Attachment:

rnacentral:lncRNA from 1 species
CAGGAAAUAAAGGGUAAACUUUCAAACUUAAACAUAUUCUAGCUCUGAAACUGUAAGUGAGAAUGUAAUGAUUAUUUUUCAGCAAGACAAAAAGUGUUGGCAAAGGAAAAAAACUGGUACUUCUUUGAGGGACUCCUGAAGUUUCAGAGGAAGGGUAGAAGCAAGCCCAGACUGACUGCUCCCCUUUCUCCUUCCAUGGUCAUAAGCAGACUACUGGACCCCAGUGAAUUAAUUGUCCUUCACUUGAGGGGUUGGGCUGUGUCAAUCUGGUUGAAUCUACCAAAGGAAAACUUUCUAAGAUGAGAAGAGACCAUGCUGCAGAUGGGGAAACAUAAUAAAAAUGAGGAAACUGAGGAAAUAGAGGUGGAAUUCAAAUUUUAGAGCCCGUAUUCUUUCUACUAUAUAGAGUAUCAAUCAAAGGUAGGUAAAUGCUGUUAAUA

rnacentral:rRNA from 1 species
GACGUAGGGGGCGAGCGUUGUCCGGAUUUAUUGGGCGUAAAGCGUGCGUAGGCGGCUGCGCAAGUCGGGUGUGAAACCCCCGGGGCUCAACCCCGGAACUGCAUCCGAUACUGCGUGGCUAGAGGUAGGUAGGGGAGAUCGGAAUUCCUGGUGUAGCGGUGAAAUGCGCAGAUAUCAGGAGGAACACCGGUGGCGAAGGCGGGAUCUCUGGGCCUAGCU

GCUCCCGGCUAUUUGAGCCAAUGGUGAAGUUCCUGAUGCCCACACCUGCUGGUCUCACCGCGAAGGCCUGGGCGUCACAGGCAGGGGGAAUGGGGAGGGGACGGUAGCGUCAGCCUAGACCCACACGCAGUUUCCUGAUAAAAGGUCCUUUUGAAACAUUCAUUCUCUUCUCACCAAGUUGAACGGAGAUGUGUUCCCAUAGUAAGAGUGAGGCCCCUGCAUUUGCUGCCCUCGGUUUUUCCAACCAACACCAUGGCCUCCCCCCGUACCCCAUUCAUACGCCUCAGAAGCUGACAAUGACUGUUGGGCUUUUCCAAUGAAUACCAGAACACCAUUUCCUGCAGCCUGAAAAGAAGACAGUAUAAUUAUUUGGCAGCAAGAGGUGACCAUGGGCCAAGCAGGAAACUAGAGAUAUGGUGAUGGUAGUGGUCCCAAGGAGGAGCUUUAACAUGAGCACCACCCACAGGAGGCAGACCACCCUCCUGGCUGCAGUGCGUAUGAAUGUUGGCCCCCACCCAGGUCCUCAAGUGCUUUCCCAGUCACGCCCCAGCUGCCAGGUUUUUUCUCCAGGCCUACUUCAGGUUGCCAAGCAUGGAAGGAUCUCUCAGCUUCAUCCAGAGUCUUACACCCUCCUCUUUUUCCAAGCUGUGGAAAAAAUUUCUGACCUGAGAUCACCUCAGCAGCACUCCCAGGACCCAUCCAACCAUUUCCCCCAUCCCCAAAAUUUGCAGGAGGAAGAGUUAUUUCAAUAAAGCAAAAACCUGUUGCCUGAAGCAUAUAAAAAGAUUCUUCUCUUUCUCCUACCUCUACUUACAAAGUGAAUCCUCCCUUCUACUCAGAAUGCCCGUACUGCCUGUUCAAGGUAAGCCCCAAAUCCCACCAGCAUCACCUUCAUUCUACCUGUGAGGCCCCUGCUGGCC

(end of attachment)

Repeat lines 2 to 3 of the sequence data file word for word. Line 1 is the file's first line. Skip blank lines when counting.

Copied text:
CAGGAAAUAAAGGGUAAACUUUCAAACUUAAACAUAUUCUAGCUCUGAAACUGUAAGUGAGAAUGUAAUGAUUAUUUUUCAGCAAGACAAAAAGUGUUGGCAAAGGAAAAAAACUGGUACUUCUUUGAGGGACUCCUGAAGUUUCAGAGGAAGGGUAGAAGCAAGCCCAGACUGACUGCUCCCCUUUCUCCUUCCAUGGUCAUAAGCAGACUACUGGACCCCAGUGAAUUAAUUGUCCUUCACUUGAGGGGUUGGGCUGUGUCAAUCUGGUUGAAUCUACCAAAGGAAAACUUUCUAAGAUGAGAAGAGACCAUGCUGCAGAUGGGGAAACAUAAUAAAAAUGAGGAAACUGAGGAAAUAGAGGUGGAAUUCAAAUUUUAGAGCCCGUAUUCUUUCUACUAUAUAGAGUAUCAAUCAAAGGUAGGUAAAUGCUGUUAAUA

rnacentral:rRNA from 1 species